I actually had a blast. The new building and new system is cool. Not million record pop-star cool, but pretty damn geeky cool. By the way, I'd show you more pictures of the new facility, but I can't.

It's still under wraps until the station gets the opportunity to show off and toot its' own horn. I'm being very very careful about what I blog. The last thing I want to do is feel like I'm leaking info to the world. Especially anything that my company would rather keep under wraps for now.

Better safe and all that.

I can barely keep my eyes open. It's been a recurring theme, but I need to get some sleep. No major thinking needed on this post. I'm still alive and looking forward to things going back to the regular routine.

I know it's not going to happen anytime soon, but I gotta have hope.

Tuesday, March 13, 2007

Interesting Zoo Wildlife

Thank you FlutePrayer. Now, on to our regularly scheduled post. . .

L.A. Zoo, Zoo, Zoo.

Wow, I don't even remember how long ago it was, but that was the commercial slogan used to advertise the Los Angeles Zoo ages ago. It just popped into my head.

Hmm. Unfortunately, now it's lodged there firmly with a good chance it's going to drive me insane before I can finish writing this post.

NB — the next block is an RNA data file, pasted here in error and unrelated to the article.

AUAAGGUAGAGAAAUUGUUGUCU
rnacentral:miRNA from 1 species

L.A. Zoo, Zoo, Zoo.

I'm jazzed to be posting tonight. It's a lot more fun when I've seen or done something interesting worth writing about. Not that I didn't have some difficulties in getting this written up. I posted the pictures, but was delayed while Blogger worked out a temporary network hiccup. Yeah, Blogger experiencing difficulties.

Go figure. That rarely happens.

My life in news took a slight turn for the better this week. I'm still on the team working with our fellow photogs to make sure everyone is up to speed on the new equipment.

Guess what I got to do. Come on, guess.

I got to go out into the field. We're past the classroom portion of the training and now we're out in the real world putting the people and the equipment though the paces of actually covering the news.

The big story of the day (for me at least) was the announcement of Ruby the Elephant's retirement from the zoo to an elephant habitat near Sacramento.

That's Ruby.

I understand the arguments made by animal rights activists and I understand the zoo supporters who believe large animals can be held in captivity. It's an interesting conflict, but I have to confess that even though I'm more inclined to see wild animals be left in the wild, it hasn't been a pressing concern.